Print off each of the five mutual dictation handouts below. Set up five mixed ability groups in the class and give each group one copy of one of the handouts.

      Mutual Dictation 1
      Mutual Dictation 2
      Mutual Dictation 3
      Mutual Dictation 4
      Mutual Dictation 5

      See Shared Dictation from ESOL Onlne.

      When combined, these handouts form a set of notes. Start with the group who has the first word on the page (in this case Group 1). One of the group members reads this word, which is copied down by each member of the class. This word is followed by the group that has the second word, and so on. Once somebody has read a word, they must pass the page to the person beside them. This ensures that everyone keeps up with the notes and that the groups are not dominated by one or two people. It sounds chaotic, but it works well. Students must concentrate on their listening skills as well. (It is not until the end of the exercise that the class actually realizes they have written an entire page of notes.)

    • The Fool
      Get students to answer these questions based on the character of the Fool.

      Notes: the Role of the Fool:

    • Minor Characters:
      An article on the character of Kent. From the Shakespeare Oxford Society Newsletter.

    • Characters in the Subplot:
      Show students each of the following websites. Ask them to identify as many similarities and differences between the Lear main plot and the Gloucester subplot as they can. Ultimately the purpose of including the subplot is to encourage us to view important ideas in different ways. After they have identified the similarities and differences, ask the students to choose five of these and identify how they add to our understanding of the play, eg.

      Main Plot: Subplot: Importance:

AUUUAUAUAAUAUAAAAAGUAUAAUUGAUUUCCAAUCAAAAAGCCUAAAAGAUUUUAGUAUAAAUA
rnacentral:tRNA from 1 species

Lear has three legitimate daughters. Gloucester has one legitimate son and one illegitimate one. Evil is not confined either to gender or to being illegitimate. It can occur anywhere.

  6. Formative Assessment:
    Assign the first essay question as a formative assessment because it is a passage analysis that deals with Lear and the Fool. This essay question was used for an examination in New Zealand and detailed comments about typical responses are provided for the essay. These comments will be helpful in scoring papers and also for students to read, especially if they are involved in the scoring process.

  7. Language:

  8. Imagery:
    Get students to complete the Word Cruncher exercise and the Animal Imagery exercise. In order to complete these activities, you'll need the complete text of the play. Students use the "Find" feature, either in the web browser or a word processor, to locate various words and answer questions on how those words are used.

    For a further discussion of theme and image patterns see Enjoying King Lear.

    Related essays:

  9. Theme Notes
    Give students a copy of these Theme notes. Split the class into small groups (3-4 students) Ask the students to compile a list of key points about their chosen theme for distribution to the rest of the class. They must then choose part of a scene that illustrates aspects of the key points that they have written. Perform the scene for the class, and offer either a running commentary (stopping the action when required to expand on points they have made in their key point handout) or summarizing the importance of the scene at the end of it. The finished product will be a seminar, complete with excerpts from the play, and a summarizing handout.

  10. Summary:
    Return to the pre-reading activity and identify the similarities between Lear and Cinderella. Discuss the differences between the two. Why is there no divine intervention/fairy God-mother? How would the play have changed if there had been?


Homework Ideas:


Students will write an essay based on any of the following essay questions. Each link provides 3 essay questions to choose from. These essays were used for an examination in New Zealand and detailed comments about typical responses are provided for each essay. These comments will be helpful in scoring papers and also for students to read, especially if they are involved in the scoring process.

Essay Questions
Group 1
Essay Analysis
Group 1
Essay Questions
Group 2

Essay Analysis
Group 2
Essay Questions
Group 3
Essay Analysis
Group 3

Mark these essays according to the CAHSEE (California High School Exit Exam) Response to Literature/Expository Text Scoring Guide.